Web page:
Marla and I have been feeling that our scuba skills were getting a bit rusty. Neither of us had dived for almost year, so the other day we booked a single tank dive with the friendly folks at Jack’s Diving Locker.
We went to a dive site I’d been wanting to visit for a long time. It was a very short boat ride—just a few hundred yards outside Honokohau Harbor where Jack’s keeps their boats. The site has a lot of different names, including Alula Beach, Crescent Beach, Manta Cove, and Dog Beach. The last of these comes from its popularity with dog walkers. So popular that the beach can smell of dog urine. Which is why we, in our typical coarse fashion, call it Dog Pee Beach. The site can be accessed from shore, but that involves a rather long walk over lava to reach the beach, so doing it by boat, while a bit costly, was our preferred option.
We had a great dive. The site had lots of fish, and lots of variety. Here are a few highlights:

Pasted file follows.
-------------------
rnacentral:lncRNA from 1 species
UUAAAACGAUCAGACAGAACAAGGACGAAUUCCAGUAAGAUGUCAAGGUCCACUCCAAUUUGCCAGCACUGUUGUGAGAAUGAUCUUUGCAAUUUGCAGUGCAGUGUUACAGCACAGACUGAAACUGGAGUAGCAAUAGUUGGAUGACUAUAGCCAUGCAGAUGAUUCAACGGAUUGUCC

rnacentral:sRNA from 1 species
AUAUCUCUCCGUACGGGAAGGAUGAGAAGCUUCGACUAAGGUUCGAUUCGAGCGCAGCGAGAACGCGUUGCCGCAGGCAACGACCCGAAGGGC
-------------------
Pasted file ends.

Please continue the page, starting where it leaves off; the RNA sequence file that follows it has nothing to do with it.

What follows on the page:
The numerous large Yellowfin Surgeonfish at the site seemed very interested in us, sometimes to the extent of interfering with my attempts to photograph other types of fish. I often see these guys while snorkeling at Hapuna Beach, where they’re much harder to approach. I wonder if someone’s been feeding them here.
Another large surgeonfish, the Eyebstripe, or Dussumier’s. These did not seem as interested in us as the Yellowfins. I think these are the handsomest of Hawaiian surgeonfish.
For me, the best fish of the dive was this gorgeous Bicolor Anthias—only the second I’d ever seen. This solitary male was skittish and difficult to photograph.
Lots of Gilded Triggerfish at this site. This one’s a female.
And here’s a male, so you can tell how this species got its name.
I wish I could say I took this photo, but I can’t. It was taken by our most excellent divemaster, Keller. He blew this bubble ring and shot through it to capture one of the numerous spinner dolphins that swam above us during the dive. I gotta learn how to blow those rings.
A Twospot Wrasse, probably not very interesting except to us geeks. The wedge-shaped tail and (I think) red and black triangle at the front of the dorsal fin indicate that this attractive little fellow is a male. This species is one of several small, nervous, deep water wrasses I’m always trying to get a decent photo of.
And, oh yeah, I almost forgot to mention, Marla and I were attacked by a large shark. Luckily, we escaped.